May 04, 2011
Chronic violence and neglect in parts of northeastern Uganda's Karamoja region means 70 percent of the population has no access to any kind of health care. This affects women the most - maternal mortality rates here are 75 percent higher than the national average. MSF goals in Karamoja's Kaabong district are to strengthen government health services and to reach people who otherwise can't get to health facilities.
April 25, 2011
For centuries, the drug quinine has been used to treat malaria, a disease that kills close to one million people a year. But now, there’s a new drug - called artesunate - that is more effective, and far simpler and safer to administer than quinine. The WHO has just revised its guidelines calling for artesunate as the treatment of choice for children with severe malaria. Now the international community needs to get behind it.
April 19, 2011
Female genital cutting, or FGC, is the practice of surgically removing part or all of a girl’s or woman’s external genitalia. It has a number of negative physical and psychological effects, and in the worst cases can lead to death through severe bleeding. MSF arrived in the Tagadom area of Red Sea State in 2006 to raise awareness about the medical effects of FGC and to offer high-quality, free-of-charge maternity services. First, however, the teams had to begin a very difficult, and ultimately very rewarding process of talking about these and other taboo subjects.
April 08, 2011
From the onset of the violence in Libya in February, MSF has been working to assist people in areas with the greatest medical needs—in and around the city of Benghazi in the east and in Misrata in the west. Teams are also on the Tunisian border providing support to people who have fled the conflict.
March 31, 2011
MSF is responding to the intensifying post-election violence. Insecurity due to the fighting and international sanctions on Ivory Coast have driven hundreds of thousands of people from their homes and severely hindered access to essential services—including health care.
March 23, 2011
Cambodia has one of the highest tuberculosis burdens in the world, according to the WHO. TB and its drug-resistant forms can be extremely difficult to diagnose and treat, especially in resource-poor countries, where the disease takes advantage of immune systems weaken by malnutrition and HIV, and people have limited access to health care. MSF has been working to improve TB diagnosis, treatment, and training in the southeastern city of Kampong Cham.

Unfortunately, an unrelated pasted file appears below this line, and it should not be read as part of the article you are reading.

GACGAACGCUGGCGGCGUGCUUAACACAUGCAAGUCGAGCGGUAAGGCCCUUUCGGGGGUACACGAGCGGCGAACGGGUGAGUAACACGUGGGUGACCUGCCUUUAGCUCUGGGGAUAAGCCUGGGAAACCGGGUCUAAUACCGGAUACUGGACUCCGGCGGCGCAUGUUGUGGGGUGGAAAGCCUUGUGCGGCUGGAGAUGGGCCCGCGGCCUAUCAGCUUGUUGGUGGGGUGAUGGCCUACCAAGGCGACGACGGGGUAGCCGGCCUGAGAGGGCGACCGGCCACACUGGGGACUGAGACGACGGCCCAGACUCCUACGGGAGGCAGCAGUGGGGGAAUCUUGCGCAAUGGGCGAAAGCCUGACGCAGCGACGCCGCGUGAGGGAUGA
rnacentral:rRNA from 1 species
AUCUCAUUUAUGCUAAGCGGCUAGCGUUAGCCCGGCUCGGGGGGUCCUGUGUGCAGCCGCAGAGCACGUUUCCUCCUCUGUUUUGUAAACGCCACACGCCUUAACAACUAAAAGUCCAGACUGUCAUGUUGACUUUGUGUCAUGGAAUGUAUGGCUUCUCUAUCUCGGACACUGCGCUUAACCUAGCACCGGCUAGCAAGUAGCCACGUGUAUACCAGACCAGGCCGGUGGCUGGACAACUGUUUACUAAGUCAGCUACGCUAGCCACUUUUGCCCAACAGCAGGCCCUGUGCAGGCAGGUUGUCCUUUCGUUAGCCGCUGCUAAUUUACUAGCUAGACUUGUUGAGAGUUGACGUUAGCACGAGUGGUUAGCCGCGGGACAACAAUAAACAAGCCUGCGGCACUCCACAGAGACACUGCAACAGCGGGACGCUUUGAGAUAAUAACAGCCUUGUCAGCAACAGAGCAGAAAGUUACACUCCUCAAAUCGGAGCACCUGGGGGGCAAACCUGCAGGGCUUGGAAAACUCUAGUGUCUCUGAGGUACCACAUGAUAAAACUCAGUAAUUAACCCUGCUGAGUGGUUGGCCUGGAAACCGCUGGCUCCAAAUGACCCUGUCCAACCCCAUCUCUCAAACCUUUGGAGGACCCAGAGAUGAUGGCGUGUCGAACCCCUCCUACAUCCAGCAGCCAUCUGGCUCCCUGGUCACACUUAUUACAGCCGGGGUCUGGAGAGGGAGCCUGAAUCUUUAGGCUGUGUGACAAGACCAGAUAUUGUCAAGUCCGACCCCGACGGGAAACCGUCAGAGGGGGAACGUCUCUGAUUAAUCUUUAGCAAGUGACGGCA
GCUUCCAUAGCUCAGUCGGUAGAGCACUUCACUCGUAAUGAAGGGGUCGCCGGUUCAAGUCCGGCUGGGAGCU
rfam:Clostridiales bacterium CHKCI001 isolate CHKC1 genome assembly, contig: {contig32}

March 07, 2011
Obstetric fistulas, most often the result of prolonged obstructed labor, is an opening that occurs between the bladder and the vagina, or between the rectum and the vagina and causes a woman to become incontinent, among other devastating medical and social consequences. According to the UN, an estimated two million women live with fistulas today—about half of them in Nigeria.
February 24, 2011
The most widely used method to test patients for TB fails to identify the disease in about half of the cases. But a long-awaited new test is raising hopes that we will be able to identify TB more effectively, get patients on treatment faster, and help reign in this deadly epidemic.
February 16, 2011
MSF is always evaluating its projects and looking at other areas where our assistance may be needed. This is done through exploratory missions—or explos.
February 09, 2011
Kala azar—or visceral leishmaniasis—is a treatable but largely neglected disease. Southern Sudan is currently facing a massive kala azar epidemic. This is a region where three-quarters of the population has no access to basic medical care, and the health system is unable to deal with an emergency on this scale.
February 02, 2011
MSF works in the inner-city slums of Johannesburg, the destination point for many survival migrants seeking opportunity, transit, or simply to hide among Joburg's millions of inhabitants. But finding safe shelter here is extremely challenging.
January 21, 2011
After a year of responding to the post-earthquake needs and the cholera epidemic that began in October, MSF has reviewed its own work in Haiti, and speaks out about what we see as the failure of the international aid system to respond adequately to the still enormous needs on the ground.
January 11, 2011
On the night of January 1, a large number of women were brutally raped by groups of armed, uniformed men in Fizi, a town in South Kivu Province, eastern DRC. By January 3, an MSF mobile team had provided medical care to 33 victims. But the area has become so tense, the team has not been able to return to Fizi since.
December 28, 2010